Auto Sales Cooling Off, But Another Big Year Ahead

Buy­ing a New or Used Car

Auto Sales Cooling Off, But Another Big Year Ahead

Buying a car is a major purchase; it is also usually a complex transaction involving a contract, financing, and a warranty. You will want to think carefully about each of these aspects of your decision. You will also want to be aware of some specific protections are available to you under the law.

Car Safety

You may consider the vehicle’s safety when considering a purchase.  Crash testing results are available at www.nhtsa.gov/ratings.

When buying any car, new or used, you can check to see if the vehicle has any unresolved safety recalls and its safety recall history.  Visit safercar.gov to learn more.

Shopping for a Car

First you must choose between buying a new car and buying a used car. A new car may cost more but will come with a longer warranty and no history of abuse or neglect. However, new cars depreciate (lose value) almost immediately when they leave the new car lot, which means that if you can find a well-cared-for used car, it might be a good bargain.

Consider the price of the car. This sounds obvious, but car dealers, new or used, may tempt you with a low monthly payment. You should be sure to look at the total price of the car, including interest.

Newspaper ads and the Internet can give you an idea of price ranges. The Texas DMV website has information on the prices of both new and used cars.  Don’t forget to look up rebates and other incentives that may be available on a new car purchase.

There are multiple online resources such as the “Blue Books” used by dealers to determine price ranges for used cars. Many people sell their used cars themselves. Buying from the owner often means paying a lower price than you can get from a dealer. And buying from the owner means you can ask the car's complete repair history.

Dealers’ used vehicles may cost more, but, may offer services such as financing or warranties, and may also be able to provide vehicle history.

You should ask the seller for the history of the vehicle and even some repair history, although this may not be complete.  If the seller won’t provide a report you may purchase one through  a private service that researches insurance claims.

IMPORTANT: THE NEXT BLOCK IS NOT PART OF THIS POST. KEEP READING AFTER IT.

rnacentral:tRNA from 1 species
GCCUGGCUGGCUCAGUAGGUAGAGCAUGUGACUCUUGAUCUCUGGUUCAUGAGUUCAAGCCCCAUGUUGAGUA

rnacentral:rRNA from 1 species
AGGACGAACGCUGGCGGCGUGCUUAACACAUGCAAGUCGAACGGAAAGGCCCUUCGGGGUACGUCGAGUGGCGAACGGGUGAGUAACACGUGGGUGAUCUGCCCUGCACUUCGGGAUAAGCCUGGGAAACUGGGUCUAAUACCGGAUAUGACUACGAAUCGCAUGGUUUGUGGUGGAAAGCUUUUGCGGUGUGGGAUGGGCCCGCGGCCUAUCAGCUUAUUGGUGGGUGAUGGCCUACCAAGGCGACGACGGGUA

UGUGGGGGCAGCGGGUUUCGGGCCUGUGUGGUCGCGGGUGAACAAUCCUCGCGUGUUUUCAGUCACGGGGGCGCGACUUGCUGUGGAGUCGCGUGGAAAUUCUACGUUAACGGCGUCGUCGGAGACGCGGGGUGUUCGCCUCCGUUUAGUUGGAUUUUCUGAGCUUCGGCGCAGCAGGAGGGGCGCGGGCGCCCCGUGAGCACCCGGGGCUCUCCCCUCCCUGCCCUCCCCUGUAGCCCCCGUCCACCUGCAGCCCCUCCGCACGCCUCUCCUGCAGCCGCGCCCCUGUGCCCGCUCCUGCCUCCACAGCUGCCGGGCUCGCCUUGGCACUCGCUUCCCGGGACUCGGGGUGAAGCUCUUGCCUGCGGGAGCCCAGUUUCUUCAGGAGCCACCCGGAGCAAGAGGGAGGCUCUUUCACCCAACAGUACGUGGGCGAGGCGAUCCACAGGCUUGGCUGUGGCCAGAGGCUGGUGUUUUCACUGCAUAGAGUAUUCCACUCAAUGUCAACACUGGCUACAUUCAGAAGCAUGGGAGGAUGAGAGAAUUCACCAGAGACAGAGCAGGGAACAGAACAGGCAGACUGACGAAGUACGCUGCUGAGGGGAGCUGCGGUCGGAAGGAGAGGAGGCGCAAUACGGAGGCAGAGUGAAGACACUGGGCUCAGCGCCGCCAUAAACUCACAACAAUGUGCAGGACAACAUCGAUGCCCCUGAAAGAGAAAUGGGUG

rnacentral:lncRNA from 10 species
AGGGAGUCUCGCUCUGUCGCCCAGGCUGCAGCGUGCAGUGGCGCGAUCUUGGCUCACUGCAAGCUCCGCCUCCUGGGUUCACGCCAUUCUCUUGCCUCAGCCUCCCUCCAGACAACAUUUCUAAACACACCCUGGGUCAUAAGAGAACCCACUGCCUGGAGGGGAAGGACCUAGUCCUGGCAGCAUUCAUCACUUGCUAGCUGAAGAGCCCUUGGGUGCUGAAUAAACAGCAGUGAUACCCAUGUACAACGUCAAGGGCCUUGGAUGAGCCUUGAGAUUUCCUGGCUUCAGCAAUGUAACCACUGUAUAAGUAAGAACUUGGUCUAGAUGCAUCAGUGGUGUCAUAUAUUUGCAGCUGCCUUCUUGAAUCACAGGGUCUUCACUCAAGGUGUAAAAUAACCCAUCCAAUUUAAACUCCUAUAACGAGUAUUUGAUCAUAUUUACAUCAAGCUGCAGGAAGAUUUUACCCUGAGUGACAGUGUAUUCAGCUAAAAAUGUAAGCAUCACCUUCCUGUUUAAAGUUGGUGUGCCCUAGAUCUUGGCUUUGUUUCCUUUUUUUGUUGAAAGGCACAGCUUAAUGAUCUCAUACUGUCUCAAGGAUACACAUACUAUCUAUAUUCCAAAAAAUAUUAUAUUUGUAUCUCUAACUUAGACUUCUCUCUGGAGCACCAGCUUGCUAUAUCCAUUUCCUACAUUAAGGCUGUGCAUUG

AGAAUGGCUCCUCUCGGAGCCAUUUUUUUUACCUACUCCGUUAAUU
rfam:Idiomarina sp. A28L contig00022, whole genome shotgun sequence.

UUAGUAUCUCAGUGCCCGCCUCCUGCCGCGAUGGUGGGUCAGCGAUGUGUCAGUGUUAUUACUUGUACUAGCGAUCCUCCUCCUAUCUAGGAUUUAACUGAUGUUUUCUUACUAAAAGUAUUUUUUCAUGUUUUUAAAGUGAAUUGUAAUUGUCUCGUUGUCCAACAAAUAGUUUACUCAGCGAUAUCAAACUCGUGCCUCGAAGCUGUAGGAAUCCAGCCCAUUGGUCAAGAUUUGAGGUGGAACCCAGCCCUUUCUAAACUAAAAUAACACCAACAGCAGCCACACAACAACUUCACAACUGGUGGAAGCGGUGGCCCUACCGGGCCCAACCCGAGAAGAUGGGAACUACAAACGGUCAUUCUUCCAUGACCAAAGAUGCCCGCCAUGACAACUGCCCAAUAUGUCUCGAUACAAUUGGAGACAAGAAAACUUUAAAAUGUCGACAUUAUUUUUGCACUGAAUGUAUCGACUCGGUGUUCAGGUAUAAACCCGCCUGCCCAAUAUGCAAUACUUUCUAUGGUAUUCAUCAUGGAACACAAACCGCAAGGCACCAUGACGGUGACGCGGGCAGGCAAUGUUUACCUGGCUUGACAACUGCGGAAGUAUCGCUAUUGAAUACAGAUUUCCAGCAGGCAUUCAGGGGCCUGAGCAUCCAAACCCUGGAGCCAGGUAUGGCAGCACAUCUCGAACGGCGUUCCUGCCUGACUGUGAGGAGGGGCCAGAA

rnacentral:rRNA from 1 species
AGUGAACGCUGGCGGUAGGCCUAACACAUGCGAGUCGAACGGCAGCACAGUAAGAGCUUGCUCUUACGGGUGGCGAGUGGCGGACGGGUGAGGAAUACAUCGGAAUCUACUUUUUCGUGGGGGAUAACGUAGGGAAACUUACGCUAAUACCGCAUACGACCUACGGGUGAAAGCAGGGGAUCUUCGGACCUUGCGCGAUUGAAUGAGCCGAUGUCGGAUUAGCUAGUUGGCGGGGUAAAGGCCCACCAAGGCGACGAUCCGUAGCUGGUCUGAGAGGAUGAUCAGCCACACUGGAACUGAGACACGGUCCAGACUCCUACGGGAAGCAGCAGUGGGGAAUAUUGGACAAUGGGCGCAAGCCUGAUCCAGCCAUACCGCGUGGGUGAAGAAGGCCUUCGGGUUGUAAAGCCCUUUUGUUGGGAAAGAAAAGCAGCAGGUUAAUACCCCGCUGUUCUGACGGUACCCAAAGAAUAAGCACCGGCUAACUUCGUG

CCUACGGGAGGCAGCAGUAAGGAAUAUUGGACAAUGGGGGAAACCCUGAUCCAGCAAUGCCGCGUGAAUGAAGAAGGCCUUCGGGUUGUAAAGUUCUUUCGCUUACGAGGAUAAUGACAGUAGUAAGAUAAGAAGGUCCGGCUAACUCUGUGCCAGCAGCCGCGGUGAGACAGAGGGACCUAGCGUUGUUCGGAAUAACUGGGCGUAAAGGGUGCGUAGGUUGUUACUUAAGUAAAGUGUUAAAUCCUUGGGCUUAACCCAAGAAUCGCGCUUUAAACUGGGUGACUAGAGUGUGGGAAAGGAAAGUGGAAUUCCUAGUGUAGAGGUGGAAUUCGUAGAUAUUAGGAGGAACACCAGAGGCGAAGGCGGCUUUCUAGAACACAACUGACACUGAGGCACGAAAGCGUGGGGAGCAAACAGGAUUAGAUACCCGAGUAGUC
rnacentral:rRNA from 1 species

Whether you buy directly from the owner or from a dealer, consider:

  • taking it for a test drive;
  • taking it to a mechanic of your choosing or having a mechanic visit the lot for a pre-sale inspection; and
  • inspecting the title.

If the seller won't let you do these things, you may want to consider walking away.

Closing the Deal

Make sure that the final price you base your decision on is the final price of the car, with all the features you want and nothing else.

The car dealer may offer you many assorted products, such as extended warranties, nitrogen filled tires, window tinting, interior or exterior protection packages and other products.

These products will affect the price of the vehicle and you may decide that you don’t want or need the product or service. If you don’t want those products, just decline to purchase the vehicle or negotiate the price of the products.

You will have to sign a purchase contract. The contract protects you as well as the dealer, so do not skip this step or hurry through it.

When reviewing your contract, you may want to check:

  • that you have read and understood everything in it.
  • whether it has blank spaces.
  • whether it contains clauses or terms that are different from what the salesperson said to you.

If the salesperson has made written changes and you agree to them, make sure you both initial the new language.

If you are financing the car, make sure you understand:

  • how much you will pay and how often;
  • how many payments you must make in total;
  • how much you will have paid in total; and
  • what the annual interest rate is.

Don't just assume you will finance through the dealer. Sometimes, you can get better financing from your bank or credit union.